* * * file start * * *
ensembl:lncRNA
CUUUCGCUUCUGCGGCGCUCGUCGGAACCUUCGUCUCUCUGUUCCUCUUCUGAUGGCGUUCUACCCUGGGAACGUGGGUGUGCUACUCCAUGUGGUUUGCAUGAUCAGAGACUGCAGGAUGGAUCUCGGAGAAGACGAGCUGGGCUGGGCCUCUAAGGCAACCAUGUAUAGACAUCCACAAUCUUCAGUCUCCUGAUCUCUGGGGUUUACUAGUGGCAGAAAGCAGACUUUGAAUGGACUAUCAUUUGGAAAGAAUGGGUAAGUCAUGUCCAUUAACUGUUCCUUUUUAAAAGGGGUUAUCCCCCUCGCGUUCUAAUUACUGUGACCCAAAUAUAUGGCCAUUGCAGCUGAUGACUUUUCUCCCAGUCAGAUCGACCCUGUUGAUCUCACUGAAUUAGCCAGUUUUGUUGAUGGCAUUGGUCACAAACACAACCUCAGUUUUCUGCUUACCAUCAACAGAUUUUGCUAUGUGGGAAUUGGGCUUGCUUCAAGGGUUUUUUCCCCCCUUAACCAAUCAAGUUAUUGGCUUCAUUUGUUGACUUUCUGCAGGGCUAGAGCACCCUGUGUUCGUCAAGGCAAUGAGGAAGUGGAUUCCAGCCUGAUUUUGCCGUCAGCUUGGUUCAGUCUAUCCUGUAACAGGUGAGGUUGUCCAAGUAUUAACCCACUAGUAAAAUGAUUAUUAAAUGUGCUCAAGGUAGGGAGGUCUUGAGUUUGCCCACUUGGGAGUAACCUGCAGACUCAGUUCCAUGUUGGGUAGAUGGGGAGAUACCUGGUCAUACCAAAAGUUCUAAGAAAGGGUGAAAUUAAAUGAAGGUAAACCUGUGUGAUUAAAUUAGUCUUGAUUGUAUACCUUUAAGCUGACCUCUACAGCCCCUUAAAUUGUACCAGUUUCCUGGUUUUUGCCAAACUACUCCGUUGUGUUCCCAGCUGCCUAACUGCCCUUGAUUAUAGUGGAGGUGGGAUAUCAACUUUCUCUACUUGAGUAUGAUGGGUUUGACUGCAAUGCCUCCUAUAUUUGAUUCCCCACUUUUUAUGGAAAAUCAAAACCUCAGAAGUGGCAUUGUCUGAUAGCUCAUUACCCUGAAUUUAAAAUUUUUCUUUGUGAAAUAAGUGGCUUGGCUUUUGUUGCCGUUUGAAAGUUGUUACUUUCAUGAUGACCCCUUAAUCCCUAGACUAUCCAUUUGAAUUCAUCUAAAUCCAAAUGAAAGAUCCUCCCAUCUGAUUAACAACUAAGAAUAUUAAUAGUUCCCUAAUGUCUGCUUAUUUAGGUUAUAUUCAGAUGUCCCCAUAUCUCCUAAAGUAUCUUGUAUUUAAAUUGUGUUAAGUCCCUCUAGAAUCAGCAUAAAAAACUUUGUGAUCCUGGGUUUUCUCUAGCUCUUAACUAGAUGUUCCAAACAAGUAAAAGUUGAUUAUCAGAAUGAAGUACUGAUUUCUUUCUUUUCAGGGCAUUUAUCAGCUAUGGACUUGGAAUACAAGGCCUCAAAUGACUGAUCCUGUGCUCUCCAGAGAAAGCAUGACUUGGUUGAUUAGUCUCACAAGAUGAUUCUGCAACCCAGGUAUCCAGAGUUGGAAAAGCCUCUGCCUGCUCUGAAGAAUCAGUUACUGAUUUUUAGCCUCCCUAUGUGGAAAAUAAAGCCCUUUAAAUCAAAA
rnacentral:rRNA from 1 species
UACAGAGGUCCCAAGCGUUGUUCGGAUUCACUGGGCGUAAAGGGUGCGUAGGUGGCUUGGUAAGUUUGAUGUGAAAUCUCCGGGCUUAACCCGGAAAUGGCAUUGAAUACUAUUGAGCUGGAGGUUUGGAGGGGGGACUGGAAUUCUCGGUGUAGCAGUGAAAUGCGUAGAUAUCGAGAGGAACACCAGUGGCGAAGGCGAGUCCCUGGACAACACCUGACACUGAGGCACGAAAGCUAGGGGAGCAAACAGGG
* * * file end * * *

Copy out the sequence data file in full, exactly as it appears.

ensembl:lncRNA
CUUUCGCUUCUGCGGCGCUCGUCGGAACCUUCGUCUCUCUGUUCCUCUUCUGAUGGCGUUCUACCCUGGGAACGUGGGUGUGCUACUCCAUGUGGUUUGCAUGAUCAGAGACUGCAGGAUGGAUCUCGGAGAAGACGAGCUGGGCUGGGCCUCUAAGGCAACCAUGUAUAGACAUCCACAAUCUUCAGUCUCCUGAUCUCUGGGGUUUACUAGUGGCAGAAAGCAGACUUUGAAUGGACUAUCAUUUGGAAAGAAUGGGUAAGUCAUGUCCAUUAACUGUUCCUUUUUAAAAGGGGUUAUCCCCCUCGCGUUCUAAUUACUGUGACCCAAAUAUAUGGCCAUUGCAGCUGAUGACUUUUCUCCCAGUCAGAUCGACCCUGUUGAUCUCACUGAAUUAGCCAGUUUUGUUGAUGGCAUUGGUCACAAACACAACCUCAGUUUUCUGCUUACCAUCAACAGAUUUUGCUAUGUGGGAAUUGGGCUUGCUUCAAGGGUUUUUUCCCCCCUUAACCAAUCAAGUUAUUGGCUUCAUUUGUUGACUUUCUGCAGGGCUAGAGCACCCUGUGUUCGUCAAGGCAAUGAGGAAGUGGAUUCCAGCCUGAUUUUGCCGUCAGCUUGGUUCAGUCUAUCCUGUAACAGGUGAGGUUGUCCAAGUAUUAACCCACUAGUAAAAUGAUUAUUAAAUGUGCUCAAGGUAGGGAGGUCUUGAGUUUGCCCACUUGGGAGUAACCUGCAGACUCAGUUCCAUGUUGGGUAGAUGGGGAGAUACCUGGUCAUACCAAAAGUUCUAAGAAAGGGUGAAAUUAAAUGAAGGUAAACCUGUGUGAUUAAAUUAGUCUUGAUUGUAUACCUUUAAGCUGACCUCUACAGCCCCUUAAAUUGUACCAGUUUCCUGGUUUUUGCCAAACUACUCCGUUGUGUUCCCAGCUGCCUAACUGCCCUUGAUUAUAGUGGAGGUGGGAUAUCAACUUUCUCUACUUGAGUAUGAUGGGUUUGACUGCAAUGCCUCCUAUAUUUGAUUCCCCACUUUUUAUGGAAAAUCAAAACCUCAGAAGUGGCAUUGUCUGAUAGCUCAUUACCCUGAAUUUAAAAUUUUUCUUUGUGAAAUAAGUGGCUUGGCUUUUGUUGCCGUUUGAAAGUUGUUACUUUCAUGAUGACCCCUUAAUCCCUAGACUAUCCAUUUGAAUUCAUCUAAAUCCAAAUGAAAGAUCCUCCCAUCUGAUUAACAACUAAGAAUAUUAAUAGUUCCCUAAUGUCUGCUUAUUUAGGUUAUAUUCAGAUGUCCCCAUAUCUCCUAAAGUAUCUUGUAUUUAAAUUGUGUUAAGUCCCUCUAGAAUCAGCAUAAAAAACUUUGUGAUCCUGGGUUUUCUCUAGCUCUUAACUAGAUGUUCCAAACAAGUAAAAGUUGAUUAUCAGAAUGAAGUACUGAUUUCUUUCUUUUCAGGGCAUUUAUCAGCUAUGGACUUGGAAUACAAGGCCUCAAAUGACUGAUCCUGUGCUCUCCAGAGAAAGCAUGACUUGGUUGAUUAGUCUCACAAGAUGAUUCUGCAACCCAGGUAUCCAGAGUUGGAAAAGCCUCUGCCUGCUCUGAAGAAUCAGUUACUGAUUUUUAGCCUCCCUAUGUGGAAAAUAAAGCCCUUUAAAUCAAAA
rnacentral:rRNA from 1 species
UACAGAGGUCCCAAGCGUUGUUCGGAUUCACUGGGCGUAAAGGGUGCGUAGGUGGCUUGGUAAGUUUGAUGUGAAAUCUCCGGGCUUAACCCGGAAAUGGCAUUGAAUACUAUUGAGCUGGAGGUUUGGAGGGGGGACUGGAAUUCUCGGUGUAGCAGUGAAAUGCGUAGAUAUCGAGAGGAACACCAGUGGCGAAGGCGAGUCCCUGGACAACACCUGACACUGAGGCACGAAAGCUAGGGGAGCAAACAGGG